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Millennials have changed the game in IT and mobile intelligence, but there's more to do

Millennials have already had an immutable impact on business IT, and their influence has just begun. 

Group of people using electronics and conversing around a table

The Pew Research Center announced in 2018 that Millennials had become the largest segment of the labour force, accounting for more than one-third of all workers. And with the oldest among this influential generation now in their late 30s, many are now executives and key decision makers in organizations large and small.

As the first generation to have the internet during their childhood, Millennials have catalyzed major technological change within companies, driving the adoption of modern communication and productivity tools, like Microsoft 365, which in turn builds mobile intelligence—that is, a business’s ability to understand and stay on top of what’s new and what’s possible in the world of mobile technology, ultimately ensuring ongoing productivity, efficiency and performance.

But their influence goes further than simply embracing new technologies; the Millennial mindset has also had a noticeable impact on how companies think about how they do business. According to Deloitte's annual Millennial survey, more than a third of this influential generation believe that one of the top priorities of any business should be to innovate and generate new ideas. That means being prepared to embrace change in real time.

"The biggest shift I've seen since I began my career is the adoption of ‘Agile,’” says 37-year-old Shane Whilsmith, an IT project manager for a Toronto-based consulting group. Agile is a highly flexible method of design and creation that promotes adaptive change as projects grow and mature. Rather than holding to formal and rigid processes, it shifts software development towards a more iterative methodology so that teams are free to respond to new challenges as they arise. And this way of thinking has spread beyond just software development to other aspects of business.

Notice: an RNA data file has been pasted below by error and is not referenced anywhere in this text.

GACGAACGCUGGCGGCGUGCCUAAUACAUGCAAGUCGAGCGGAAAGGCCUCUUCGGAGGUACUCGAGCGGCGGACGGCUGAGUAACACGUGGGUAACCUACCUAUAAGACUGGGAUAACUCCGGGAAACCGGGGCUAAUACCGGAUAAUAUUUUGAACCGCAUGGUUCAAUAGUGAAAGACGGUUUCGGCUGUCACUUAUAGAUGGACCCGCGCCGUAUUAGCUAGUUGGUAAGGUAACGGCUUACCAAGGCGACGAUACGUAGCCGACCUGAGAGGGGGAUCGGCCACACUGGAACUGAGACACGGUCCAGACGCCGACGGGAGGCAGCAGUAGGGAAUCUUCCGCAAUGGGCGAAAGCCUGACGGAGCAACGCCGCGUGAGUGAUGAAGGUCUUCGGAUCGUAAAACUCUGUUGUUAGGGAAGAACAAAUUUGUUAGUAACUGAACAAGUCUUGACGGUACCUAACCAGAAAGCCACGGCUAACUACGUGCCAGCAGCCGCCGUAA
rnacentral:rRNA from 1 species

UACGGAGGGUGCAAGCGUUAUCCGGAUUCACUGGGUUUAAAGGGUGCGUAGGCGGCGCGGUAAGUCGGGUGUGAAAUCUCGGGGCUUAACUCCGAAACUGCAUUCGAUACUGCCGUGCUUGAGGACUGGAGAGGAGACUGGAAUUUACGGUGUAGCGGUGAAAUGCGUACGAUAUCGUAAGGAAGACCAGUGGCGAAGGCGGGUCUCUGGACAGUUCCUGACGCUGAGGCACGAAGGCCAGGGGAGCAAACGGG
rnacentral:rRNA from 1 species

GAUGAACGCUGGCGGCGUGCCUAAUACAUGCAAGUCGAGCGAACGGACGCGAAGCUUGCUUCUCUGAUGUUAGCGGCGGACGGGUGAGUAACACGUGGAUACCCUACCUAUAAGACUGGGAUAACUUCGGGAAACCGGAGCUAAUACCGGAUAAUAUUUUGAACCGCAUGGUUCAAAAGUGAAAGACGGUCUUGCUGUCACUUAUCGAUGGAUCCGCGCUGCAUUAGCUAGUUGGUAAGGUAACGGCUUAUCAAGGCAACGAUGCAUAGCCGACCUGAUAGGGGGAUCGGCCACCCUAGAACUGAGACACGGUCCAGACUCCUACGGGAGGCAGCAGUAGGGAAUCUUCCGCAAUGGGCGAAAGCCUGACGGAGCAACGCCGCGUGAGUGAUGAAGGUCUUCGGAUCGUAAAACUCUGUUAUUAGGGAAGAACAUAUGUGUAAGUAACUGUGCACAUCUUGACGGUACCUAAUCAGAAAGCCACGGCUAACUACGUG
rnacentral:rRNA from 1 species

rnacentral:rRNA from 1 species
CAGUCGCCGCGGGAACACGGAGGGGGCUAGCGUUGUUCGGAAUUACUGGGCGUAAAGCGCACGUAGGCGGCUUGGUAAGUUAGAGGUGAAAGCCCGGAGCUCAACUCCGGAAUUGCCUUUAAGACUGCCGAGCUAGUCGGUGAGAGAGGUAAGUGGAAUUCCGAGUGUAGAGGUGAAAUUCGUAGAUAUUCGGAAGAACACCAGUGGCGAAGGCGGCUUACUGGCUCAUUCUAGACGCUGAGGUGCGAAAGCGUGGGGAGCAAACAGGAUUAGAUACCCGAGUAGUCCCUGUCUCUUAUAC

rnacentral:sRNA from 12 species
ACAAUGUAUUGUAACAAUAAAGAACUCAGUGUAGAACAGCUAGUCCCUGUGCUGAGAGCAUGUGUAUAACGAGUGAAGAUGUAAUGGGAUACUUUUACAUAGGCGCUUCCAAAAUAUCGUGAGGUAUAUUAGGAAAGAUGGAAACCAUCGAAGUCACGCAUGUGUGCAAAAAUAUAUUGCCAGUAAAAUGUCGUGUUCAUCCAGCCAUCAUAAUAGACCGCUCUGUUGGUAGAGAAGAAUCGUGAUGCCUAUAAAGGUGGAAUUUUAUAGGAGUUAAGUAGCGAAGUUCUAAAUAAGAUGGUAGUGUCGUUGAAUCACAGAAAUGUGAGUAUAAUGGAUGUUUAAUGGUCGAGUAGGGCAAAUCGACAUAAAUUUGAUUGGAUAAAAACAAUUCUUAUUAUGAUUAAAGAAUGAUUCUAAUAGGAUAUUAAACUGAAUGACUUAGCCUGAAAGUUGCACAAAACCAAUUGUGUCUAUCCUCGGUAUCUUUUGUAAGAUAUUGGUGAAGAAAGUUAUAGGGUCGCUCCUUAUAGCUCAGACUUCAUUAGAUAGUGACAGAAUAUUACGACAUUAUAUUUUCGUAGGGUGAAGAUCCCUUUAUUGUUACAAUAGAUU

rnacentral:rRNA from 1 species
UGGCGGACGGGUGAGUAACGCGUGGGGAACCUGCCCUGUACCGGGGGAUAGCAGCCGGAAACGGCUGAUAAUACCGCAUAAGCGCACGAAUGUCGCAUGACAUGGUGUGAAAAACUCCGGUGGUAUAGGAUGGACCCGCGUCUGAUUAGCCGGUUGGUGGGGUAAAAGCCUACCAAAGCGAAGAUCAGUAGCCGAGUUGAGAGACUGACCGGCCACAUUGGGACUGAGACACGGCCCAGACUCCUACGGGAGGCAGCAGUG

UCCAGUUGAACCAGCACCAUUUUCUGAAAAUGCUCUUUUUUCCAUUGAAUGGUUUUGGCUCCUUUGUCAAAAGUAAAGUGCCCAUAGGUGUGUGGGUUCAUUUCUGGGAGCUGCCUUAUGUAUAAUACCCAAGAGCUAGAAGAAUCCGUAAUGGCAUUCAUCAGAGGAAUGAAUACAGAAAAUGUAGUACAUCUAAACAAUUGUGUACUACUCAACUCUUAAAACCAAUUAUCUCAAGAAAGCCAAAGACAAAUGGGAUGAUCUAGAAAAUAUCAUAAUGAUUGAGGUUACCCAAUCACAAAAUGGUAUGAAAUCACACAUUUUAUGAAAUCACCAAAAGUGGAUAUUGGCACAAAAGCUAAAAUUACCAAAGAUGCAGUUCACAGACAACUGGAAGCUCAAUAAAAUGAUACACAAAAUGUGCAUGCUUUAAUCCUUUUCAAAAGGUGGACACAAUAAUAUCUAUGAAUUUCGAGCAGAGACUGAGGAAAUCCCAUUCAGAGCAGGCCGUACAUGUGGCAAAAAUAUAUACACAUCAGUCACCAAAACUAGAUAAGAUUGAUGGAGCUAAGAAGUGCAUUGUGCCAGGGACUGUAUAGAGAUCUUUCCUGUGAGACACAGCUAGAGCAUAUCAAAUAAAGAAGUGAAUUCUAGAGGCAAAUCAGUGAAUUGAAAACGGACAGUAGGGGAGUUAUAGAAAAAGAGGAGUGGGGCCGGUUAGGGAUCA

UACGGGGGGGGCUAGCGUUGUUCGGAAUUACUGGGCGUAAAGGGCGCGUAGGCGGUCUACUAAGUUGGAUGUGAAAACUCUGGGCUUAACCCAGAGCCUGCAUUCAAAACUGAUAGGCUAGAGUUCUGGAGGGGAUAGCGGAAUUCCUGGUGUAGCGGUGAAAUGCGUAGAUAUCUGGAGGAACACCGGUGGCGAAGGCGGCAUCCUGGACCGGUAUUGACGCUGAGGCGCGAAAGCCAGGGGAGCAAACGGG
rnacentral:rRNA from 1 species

It should come as no surprise that such a bold methodology is being widely adopted by Millennials. Research from Microsoft suggests Millennials aren’t as risk averse as previous generations, especially if that risk eventually leads to a better process or product. More than four in 10 Millennials say they are “very” willing to endure the risks of a new technology if it manages to make their workplace more efficient.

Jay Schacher, a design director for Toronto's Klick Health, believes the Millennial mentality is exactly what's needed to change companies entrenched in traditional processes. He points to the cloud-based drives that provide quick access to files directly from your computer while reducing time spent waiting for files to sync – as an example. "I've spent some time educating peers and management on the advantages, and once you see what it can do, there's no turning back. Working with team members and contractors all over the world is easy when we're all working off the same drive", he explains. 

Broad and accessible tool sets like Microsoft 365 have proven a good meeting point for older and younger mindsets, a place where the old and new guard can find common ground in applications, interfaces and functionality. Everyone understands how to take advantage of these applications to enjoy tangible benefits.

Email, for example, has long been a thorn in the side of those who want to see it evolve to meet basic modern needs. "I can send a link with a file that you can download for 2 GB, but somehow email clients haven't caught up to allowing users to attach more than 20 MB," says Schacher. But by integrating email applications with  cloud drives, users can send files of up to 10 GB. This kind of common sense, easy-to-adopt workflow improvement is another example of how Millennials are nudging companies towards growing their mobile intelligence.

Various generations are also unified in their appreciation for cloud computing and the opportunity it represents for mobile intelligence, particularly when it comes to taking advantage of cloud apps and networks. "I think many Millennials would question the need for a company to own large and expensive server setups when they can rent the space and scale up as needed from data centre and cloud providers, freeing themselves to focus on their core interests," says Whilsmith.

And as Millennials age, we can expect to see them employing technology in bolder and more ground-breaking ways. According to the Deloitte Millennial survey, 70% of Millennials believe that Industry 4.0—the use of analytics, artificial intelligence (AI), and the Internet of Things (IoT) in various industries to automate specific tasks—will have a major impact on industry in the years to come. And more than half of Millennials see this evolution as a liberating opportunity to pursue more creative and fulfilling work.

Indeed, creativity is a primary driver for Millennials. According to the Microsoft report, 88% of them believe their company's current IT policies and procedures don’t allow them to reach their creative potential. The upshot? Expect Millennial workers to support the use of IoT, automated programs, and robots to handle mundane duties so that they can do more of what they want to do.

None of this is news to Whilsmith. "I believe Millennials are often less tied to tradition and the way things were done before. This puts them in a better position to make dramatic changes to stay ahead of the curve."